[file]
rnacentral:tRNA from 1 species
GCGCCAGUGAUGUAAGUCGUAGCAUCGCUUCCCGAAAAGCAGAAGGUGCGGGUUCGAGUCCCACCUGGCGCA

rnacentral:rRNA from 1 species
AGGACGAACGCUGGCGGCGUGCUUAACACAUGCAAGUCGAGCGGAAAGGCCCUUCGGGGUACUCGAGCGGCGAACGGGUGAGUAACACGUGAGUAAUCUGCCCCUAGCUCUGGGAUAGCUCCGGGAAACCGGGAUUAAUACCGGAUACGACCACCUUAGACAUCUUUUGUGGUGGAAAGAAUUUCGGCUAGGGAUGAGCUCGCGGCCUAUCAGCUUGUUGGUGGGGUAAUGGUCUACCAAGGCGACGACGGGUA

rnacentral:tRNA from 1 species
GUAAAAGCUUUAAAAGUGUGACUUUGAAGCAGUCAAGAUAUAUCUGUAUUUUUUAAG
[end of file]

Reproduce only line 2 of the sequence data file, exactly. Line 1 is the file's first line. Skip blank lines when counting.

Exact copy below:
GCGCCAGUGAUGUAAGUCGUAGCAUCGCUUCCCGAAAAGCAGAAGGUGCGGGUUCGAGUCCCACCUGGCGCA